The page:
Talking heads will say that it is impossible to penetrate Afghanistan. To their credit, from Alexander the Great’s Macedon to the Soviet Union, many empires have found Afghanistan to be their final resting place. However, these fears lie in a different definition of success than the one that President Donald Trump presented at Fort Myer late last month. The administration’s revised strategy is one of significant merit and adherence to the advice of our military officials. This is a vital pivot from the historical top-down approach of past interventions.
As opposed to previous administrations, the White House will increase operational flexibility by granting generals more say in the matter of strategy and tactics, something they previously lacked due to the strict nature of past U.S. top-down approaches. The Trump administration has made it clear that the resources for these efforts will be allocated on an as-needed basis, untangling the U.S. military of previous restrictions, like the ones faced by many generals under the Bush administration.
It is well understood that the overly restrictive rules of engagement during previous operations not only increased casualties, but also delayed operational advances. Although fostering civilian respect in-country remains vital to any approach, restrictive rules of engagement significantly benefit U.S. adversaries by granting them increased freedom of movement and authority within the battlespace.
The new U.S. strategy shifts focus away from the “hearts and minds” approach held during the greater part of the War on Terror. Secretary of Defense James Mattis’ approved request for a loosening on the rules of engagement will now enable the conduction of warfare on a level not seen before. Terrorist elements will be destroyed without delay, allowing the United States to flex its military superiority without reasonable constraint.
Moreover, by scraping arbitrary timetables and prosecuting the war through a condition-based approach, not only will U.S. strategy be more malleable, but it will also be cloaked away from the eyes of enemies. No longer will the United States expose operational particulars, such as operational start dates and troop surges. The only certainty that adversaries will have is that the United States will attack. Overall, this demonstrates a new focus on cohesiveness between civilian and military elements of operations. This significantly reinvigorates hopes of operational success.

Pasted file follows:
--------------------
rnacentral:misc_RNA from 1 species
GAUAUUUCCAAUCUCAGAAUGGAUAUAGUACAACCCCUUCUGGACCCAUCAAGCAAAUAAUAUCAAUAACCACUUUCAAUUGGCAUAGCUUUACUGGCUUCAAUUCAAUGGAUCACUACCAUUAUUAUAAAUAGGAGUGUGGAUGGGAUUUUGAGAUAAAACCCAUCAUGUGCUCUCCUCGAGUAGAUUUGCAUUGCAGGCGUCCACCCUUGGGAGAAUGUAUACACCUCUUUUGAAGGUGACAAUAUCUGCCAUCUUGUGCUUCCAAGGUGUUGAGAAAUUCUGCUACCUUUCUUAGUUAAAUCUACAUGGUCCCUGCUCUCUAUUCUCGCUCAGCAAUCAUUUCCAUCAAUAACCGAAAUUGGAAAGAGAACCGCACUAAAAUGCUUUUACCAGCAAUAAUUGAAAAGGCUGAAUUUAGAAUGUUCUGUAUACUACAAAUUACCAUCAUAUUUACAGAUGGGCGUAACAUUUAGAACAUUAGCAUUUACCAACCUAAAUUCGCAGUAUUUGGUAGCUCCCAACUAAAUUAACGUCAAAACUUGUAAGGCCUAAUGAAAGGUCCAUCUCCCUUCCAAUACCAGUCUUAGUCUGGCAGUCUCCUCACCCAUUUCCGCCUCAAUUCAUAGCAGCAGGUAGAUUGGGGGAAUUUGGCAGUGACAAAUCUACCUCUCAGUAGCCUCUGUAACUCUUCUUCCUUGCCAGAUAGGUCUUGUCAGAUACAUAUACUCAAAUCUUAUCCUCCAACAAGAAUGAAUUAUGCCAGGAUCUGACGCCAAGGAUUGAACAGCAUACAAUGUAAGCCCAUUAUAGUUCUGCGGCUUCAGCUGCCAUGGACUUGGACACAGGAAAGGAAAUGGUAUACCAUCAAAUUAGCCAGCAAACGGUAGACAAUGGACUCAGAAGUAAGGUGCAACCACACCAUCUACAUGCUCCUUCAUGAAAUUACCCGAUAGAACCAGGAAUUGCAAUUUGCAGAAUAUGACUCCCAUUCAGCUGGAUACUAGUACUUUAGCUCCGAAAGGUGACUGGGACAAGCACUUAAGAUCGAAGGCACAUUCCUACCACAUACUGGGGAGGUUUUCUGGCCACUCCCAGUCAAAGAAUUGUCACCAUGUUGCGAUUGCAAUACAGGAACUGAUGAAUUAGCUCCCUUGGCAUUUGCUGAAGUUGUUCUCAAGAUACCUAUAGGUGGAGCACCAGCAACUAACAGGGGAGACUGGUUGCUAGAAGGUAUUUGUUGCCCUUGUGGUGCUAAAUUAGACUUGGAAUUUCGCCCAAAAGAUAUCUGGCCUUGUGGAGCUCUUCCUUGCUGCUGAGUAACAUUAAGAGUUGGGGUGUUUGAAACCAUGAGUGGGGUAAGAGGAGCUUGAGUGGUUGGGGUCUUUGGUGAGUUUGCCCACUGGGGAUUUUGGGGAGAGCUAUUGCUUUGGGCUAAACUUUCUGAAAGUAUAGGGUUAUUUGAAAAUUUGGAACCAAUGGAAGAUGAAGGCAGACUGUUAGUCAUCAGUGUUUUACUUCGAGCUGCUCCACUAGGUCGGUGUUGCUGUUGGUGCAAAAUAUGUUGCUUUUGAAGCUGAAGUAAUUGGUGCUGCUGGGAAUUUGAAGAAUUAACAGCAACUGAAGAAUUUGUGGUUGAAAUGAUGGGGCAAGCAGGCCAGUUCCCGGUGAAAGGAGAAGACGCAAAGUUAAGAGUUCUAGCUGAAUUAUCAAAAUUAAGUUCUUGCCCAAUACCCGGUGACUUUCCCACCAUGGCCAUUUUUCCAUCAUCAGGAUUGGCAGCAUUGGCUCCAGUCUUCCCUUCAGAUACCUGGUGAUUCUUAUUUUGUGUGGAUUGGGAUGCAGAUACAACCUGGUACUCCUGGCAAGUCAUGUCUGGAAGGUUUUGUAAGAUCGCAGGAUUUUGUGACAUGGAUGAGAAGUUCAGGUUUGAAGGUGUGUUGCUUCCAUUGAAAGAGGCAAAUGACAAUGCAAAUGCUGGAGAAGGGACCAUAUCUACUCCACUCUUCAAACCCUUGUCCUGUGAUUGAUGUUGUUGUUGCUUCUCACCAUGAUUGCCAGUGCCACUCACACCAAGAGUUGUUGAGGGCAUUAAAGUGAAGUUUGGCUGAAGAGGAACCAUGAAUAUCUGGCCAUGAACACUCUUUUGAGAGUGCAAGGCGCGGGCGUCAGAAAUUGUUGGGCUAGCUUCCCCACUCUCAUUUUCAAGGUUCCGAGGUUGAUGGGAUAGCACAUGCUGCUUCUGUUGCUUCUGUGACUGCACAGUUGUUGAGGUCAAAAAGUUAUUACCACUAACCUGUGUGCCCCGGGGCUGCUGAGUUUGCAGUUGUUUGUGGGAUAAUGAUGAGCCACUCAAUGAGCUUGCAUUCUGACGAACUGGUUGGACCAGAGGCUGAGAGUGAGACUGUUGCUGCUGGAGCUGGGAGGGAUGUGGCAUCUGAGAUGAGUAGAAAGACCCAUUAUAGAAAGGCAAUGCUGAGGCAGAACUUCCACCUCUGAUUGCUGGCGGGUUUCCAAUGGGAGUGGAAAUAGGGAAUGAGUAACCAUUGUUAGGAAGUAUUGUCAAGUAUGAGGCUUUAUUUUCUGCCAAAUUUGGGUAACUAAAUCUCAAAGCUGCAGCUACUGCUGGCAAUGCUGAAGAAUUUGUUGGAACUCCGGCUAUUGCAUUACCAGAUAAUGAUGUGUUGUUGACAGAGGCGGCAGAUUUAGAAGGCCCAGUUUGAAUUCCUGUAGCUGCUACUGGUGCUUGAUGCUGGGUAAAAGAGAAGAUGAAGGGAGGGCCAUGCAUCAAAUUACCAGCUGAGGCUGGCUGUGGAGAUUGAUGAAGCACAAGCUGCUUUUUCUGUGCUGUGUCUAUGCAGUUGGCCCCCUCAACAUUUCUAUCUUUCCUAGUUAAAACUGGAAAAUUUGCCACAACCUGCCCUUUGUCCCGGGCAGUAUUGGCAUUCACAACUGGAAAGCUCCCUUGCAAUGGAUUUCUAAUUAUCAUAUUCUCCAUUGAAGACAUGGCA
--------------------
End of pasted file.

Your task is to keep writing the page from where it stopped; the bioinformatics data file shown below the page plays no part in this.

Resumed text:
Most importantly, the Trump administration has directed focus toward Pakistan and its involvement in harboring, as well as exporting, terrorist cells into Afghanistan. It cannot be understated what role Pakistan has played in the Taliban-infiltration of the Afghan government. Up until the events of 9/11, Pakistan fought and trained with Taliban forces, sending upward of 90,000 troops to the region. Without the initial heavy support provided by Pakistan, it is unlikely that the Taliban would have been able to overthrow the status quo regime with such unparalleled speed. The government hides behind the guise of an ally of the United States, but continues to supply terrorist elements indirectly through the protection of Taliban weapon production in the Khyber Pass and directly through undisclosed aid. Finally, the United States has chosen to stand up against Pakistani subversion, with the administration suggesting economic and diplomatic options to cut the blood flow to the Taliban.
A refreshed narrative on Afghanistan should constrain the legitimacy of the isolationist opinion. Regardless of the other qualms with the Trump administration, this foreign policy announcement is a breath of fresh air into the debate on global terror. Fortunately, instead of divisive political talking points, the administration has chosen to attack a major world issue head on.